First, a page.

Matt MENDENHALL

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craig71:
The year has just begun and already people are calling him the top contender for the 1983 Mr America contest!
Bodybuilding circles are in a dither! From gyms in New York to California, from Alaska to Texas and Florida and even to Europe, the hot lines are buzzing. The word is out and spreading. There is a new physique phenomenon on the rise. All the chatter is centered on a 22 year old sensation named Matt Mendenhall who literally blew the minds of judges and spectators with his symmetry, muscularity and charisma at the 1982 NPC American Bodybuilding Championships on October 1 and 2 in New York.
Muscle Up scooped all the bodybuilding magazines again, bringing you the finest in new amateur physique talent, when we featured Matt as a "Star Of Tomorrow" in our last issue. We predicted that Matt would make a stunning impression at the NPC American championships and he did. This virtual unknown placed right behind Lee Haney for the win and beat out Tim Belknap in the Universe posedown. This places Matt as one of the top contenders for the 1983 title. Not only is he destined to be a Mr America, but he will also be one of the greatest and most celebrated physiques of all time. We at Muscle Up are pleased to give our readers a first in–depth interview with Matt.
________________________________________
MU: Who is Matt Mendenhall?
MATT: I am 22 years old, 5 ft 11 in [1.80 m] and off–season I weigh about 245 lbs [111 kg]. I was born and raised in Cincinnati, Ohio, and still live there. There are seven children in my family and I'm the youngest of four boys. I have been married since May 22 1982, to my wonderful wife, Lori. Right now I am employed by my father at MTSI a company that builds and designs turbine–power generator systems.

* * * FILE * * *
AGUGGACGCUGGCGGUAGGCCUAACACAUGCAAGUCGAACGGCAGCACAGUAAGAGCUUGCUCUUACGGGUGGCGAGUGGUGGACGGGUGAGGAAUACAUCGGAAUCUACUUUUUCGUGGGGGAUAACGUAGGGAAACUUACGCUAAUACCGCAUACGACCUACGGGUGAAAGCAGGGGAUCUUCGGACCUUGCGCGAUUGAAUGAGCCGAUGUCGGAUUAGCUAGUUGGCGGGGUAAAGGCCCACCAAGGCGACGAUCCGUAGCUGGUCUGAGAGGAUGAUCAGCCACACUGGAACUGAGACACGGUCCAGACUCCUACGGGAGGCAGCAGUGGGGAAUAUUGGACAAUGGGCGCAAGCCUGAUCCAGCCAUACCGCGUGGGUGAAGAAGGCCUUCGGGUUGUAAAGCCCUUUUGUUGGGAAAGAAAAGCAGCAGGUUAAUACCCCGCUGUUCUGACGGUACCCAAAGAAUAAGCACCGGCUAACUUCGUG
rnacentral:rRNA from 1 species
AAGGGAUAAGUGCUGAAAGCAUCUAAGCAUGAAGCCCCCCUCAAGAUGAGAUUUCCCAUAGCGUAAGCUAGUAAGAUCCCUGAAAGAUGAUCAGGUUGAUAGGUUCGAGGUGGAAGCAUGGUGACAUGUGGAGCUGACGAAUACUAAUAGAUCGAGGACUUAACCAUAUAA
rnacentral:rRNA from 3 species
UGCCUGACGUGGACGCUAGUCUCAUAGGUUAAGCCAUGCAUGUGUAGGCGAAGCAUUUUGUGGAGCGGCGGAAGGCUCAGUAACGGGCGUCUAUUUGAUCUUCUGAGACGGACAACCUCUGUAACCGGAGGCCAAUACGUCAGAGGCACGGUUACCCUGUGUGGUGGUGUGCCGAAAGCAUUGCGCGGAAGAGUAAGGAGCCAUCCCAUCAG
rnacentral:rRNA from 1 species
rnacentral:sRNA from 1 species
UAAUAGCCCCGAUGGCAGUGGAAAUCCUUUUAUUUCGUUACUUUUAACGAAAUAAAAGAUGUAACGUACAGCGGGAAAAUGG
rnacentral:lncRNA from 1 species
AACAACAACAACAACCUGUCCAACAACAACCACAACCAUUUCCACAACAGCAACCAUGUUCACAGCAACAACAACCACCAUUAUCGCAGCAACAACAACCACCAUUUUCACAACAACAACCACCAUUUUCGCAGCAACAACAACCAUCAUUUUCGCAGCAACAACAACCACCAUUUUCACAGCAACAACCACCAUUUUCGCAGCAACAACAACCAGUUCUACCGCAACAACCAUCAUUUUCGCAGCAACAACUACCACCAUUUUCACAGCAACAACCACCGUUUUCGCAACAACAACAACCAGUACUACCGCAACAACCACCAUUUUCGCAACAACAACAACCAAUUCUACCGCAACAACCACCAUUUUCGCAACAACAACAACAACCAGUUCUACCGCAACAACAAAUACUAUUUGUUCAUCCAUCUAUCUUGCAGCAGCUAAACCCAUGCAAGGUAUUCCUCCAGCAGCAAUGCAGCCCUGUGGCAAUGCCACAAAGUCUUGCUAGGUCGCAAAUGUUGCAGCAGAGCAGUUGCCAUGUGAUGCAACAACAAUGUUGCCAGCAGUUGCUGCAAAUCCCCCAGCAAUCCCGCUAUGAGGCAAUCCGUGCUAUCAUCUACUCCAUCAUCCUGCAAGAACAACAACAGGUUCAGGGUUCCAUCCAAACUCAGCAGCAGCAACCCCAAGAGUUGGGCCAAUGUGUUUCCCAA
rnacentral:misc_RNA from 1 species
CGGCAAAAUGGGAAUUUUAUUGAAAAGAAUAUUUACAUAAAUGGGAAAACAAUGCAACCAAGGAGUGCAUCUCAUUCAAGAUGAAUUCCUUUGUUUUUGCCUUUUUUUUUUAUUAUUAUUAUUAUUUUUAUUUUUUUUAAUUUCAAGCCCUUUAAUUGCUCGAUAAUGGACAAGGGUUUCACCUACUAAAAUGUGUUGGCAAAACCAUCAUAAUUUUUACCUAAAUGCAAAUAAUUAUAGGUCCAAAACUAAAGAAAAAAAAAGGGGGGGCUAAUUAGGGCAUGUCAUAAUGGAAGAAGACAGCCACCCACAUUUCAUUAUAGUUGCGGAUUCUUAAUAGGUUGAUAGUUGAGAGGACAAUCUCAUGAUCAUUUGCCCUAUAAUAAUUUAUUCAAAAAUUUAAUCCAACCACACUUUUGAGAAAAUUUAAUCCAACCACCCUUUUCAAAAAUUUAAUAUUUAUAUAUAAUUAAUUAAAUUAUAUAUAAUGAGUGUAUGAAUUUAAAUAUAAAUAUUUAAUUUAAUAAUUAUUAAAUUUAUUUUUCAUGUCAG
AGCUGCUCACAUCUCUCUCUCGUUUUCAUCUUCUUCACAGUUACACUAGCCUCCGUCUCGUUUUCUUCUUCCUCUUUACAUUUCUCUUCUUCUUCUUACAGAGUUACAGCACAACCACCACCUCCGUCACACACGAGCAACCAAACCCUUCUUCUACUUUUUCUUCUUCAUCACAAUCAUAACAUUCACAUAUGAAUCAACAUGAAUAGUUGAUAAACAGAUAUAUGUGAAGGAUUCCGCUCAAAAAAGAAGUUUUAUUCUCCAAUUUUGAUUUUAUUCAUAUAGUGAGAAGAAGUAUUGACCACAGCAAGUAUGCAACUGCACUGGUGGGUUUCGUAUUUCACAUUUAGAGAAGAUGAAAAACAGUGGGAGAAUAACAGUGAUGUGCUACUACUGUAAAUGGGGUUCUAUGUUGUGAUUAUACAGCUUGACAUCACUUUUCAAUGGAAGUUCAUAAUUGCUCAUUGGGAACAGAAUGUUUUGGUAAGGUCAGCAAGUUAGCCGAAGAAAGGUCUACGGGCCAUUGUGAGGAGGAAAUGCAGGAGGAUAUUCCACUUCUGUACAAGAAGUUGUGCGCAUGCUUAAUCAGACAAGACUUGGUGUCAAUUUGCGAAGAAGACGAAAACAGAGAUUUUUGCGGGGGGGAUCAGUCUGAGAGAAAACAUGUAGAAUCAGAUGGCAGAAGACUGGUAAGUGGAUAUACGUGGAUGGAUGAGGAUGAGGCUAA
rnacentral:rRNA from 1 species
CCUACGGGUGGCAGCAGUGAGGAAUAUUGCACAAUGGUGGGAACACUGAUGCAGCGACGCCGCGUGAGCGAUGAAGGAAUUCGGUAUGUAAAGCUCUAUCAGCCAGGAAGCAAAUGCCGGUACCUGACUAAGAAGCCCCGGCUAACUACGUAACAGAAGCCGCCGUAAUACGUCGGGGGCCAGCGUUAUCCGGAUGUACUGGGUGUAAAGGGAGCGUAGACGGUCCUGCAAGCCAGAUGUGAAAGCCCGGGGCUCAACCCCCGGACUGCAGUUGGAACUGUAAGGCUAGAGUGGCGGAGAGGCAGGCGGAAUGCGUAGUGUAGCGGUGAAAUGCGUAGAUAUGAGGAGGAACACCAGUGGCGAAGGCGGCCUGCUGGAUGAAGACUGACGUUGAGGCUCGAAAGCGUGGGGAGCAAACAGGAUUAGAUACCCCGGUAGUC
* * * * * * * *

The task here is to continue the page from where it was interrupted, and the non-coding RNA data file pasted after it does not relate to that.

MU: What kind of person is Matt?
MATT: For the most part, I am the kind of person who makes a commitment and holds to it. I remember quitting the football team in my senior year of high school, because it took too much time away from my training. In the eyes of many, I was a quitter, but in my own mind I knew what I wanted. I had never even been in a contest before, but something inside of me told me I could be good in weight lifting. Since high school and a year at the Ohio College of Applied Science, I have had a number of jobs, but my mind has never strayed from bodybuilding. That is, no career job ever interested me enough to give up training time.
MU: When and why did you first start weight training?